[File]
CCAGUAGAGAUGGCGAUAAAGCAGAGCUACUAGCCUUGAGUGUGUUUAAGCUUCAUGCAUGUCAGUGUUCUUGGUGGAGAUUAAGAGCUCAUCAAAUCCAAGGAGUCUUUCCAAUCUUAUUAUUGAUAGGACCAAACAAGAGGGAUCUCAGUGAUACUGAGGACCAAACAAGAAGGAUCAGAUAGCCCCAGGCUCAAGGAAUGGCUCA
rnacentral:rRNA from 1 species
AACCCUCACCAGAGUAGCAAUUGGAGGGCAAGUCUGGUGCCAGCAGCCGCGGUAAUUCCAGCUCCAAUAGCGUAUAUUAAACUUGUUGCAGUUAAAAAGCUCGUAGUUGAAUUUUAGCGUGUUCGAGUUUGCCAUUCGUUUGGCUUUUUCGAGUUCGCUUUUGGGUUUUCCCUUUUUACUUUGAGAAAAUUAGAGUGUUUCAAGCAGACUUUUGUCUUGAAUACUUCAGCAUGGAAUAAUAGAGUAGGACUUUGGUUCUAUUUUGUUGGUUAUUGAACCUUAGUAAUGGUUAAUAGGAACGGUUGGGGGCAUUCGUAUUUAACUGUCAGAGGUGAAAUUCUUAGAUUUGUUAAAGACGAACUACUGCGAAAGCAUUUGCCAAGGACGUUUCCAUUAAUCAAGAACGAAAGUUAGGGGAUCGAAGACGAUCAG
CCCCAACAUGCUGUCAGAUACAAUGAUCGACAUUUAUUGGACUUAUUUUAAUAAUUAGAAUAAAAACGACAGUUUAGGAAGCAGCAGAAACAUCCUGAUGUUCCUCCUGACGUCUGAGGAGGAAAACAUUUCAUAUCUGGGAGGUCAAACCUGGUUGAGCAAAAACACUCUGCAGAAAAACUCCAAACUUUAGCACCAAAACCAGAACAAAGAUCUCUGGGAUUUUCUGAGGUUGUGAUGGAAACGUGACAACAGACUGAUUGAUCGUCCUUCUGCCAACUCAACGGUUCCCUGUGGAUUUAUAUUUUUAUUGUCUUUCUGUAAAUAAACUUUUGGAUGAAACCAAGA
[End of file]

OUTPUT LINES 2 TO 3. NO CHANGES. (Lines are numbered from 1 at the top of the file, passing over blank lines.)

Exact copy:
rnacentral:rRNA from 1 species
AACCCUCACCAGAGUAGCAAUUGGAGGGCAAGUCUGGUGCCAGCAGCCGCGGUAAUUCCAGCUCCAAUAGCGUAUAUUAAACUUGUUGCAGUUAAAAAGCUCGUAGUUGAAUUUUAGCGUGUUCGAGUUUGCCAUUCGUUUGGCUUUUUCGAGUUCGCUUUUGGGUUUUCCCUUUUUACUUUGAGAAAAUUAGAGUGUUUCAAGCAGACUUUUGUCUUGAAUACUUCAGCAUGGAAUAAUAGAGUAGGACUUUGGUUCUAUUUUGUUGGUUAUUGAACCUUAGUAAUGGUUAAUAGGAACGGUUGGGGGCAUUCGUAUUUAACUGUCAGAGGUGAAAUUCUUAGAUUUGUUAAAGACGAACUACUGCGAAAGCAUUUGCCAAGGACGUUUCCAUUAAUCAAGAACGAAAGUUAGGGGAUCGAAGACGAUCAG